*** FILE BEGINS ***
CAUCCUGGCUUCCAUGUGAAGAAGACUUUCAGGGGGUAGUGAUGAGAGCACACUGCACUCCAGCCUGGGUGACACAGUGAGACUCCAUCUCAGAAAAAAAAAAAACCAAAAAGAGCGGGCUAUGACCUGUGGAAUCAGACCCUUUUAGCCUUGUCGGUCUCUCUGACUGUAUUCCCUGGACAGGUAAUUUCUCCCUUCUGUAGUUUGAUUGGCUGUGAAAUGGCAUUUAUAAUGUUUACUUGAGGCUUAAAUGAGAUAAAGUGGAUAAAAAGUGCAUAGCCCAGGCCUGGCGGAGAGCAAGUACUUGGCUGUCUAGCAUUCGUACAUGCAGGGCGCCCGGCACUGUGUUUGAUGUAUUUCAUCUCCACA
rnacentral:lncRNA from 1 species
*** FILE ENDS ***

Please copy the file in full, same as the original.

CAUCCUGGCUUCCAUGUGAAGAAGACUUUCAGGGGGUAGUGAUGAGAGCACACUGCACUCCAGCCUGGGUGACACAGUGAGACUCCAUCUCAGAAAAAAAAAAAACCAAAAAGAGCGGGCUAUGACCUGUGGAAUCAGACCCUUUUAGCCUUGUCGGUCUCUCUGACUGUAUUCCCUGGACAGGUAAUUUCUCCCUUCUGUAGUUUGAUUGGCUGUGAAAUGGCAUUUAUAAUGUUUACUUGAGGCUUAAAUGAGAUAAAGUGGAUAAAAAGUGCAUAGCCCAGGCCUGGCGGAGAGCAAGUACUUGGCUGUCUAGCAUUCGUACAUGCAGGGCGCCCGGCACUGUGUUUGAUGUAUUUCAUCUCCACA
rnacentral:lncRNA from 1 species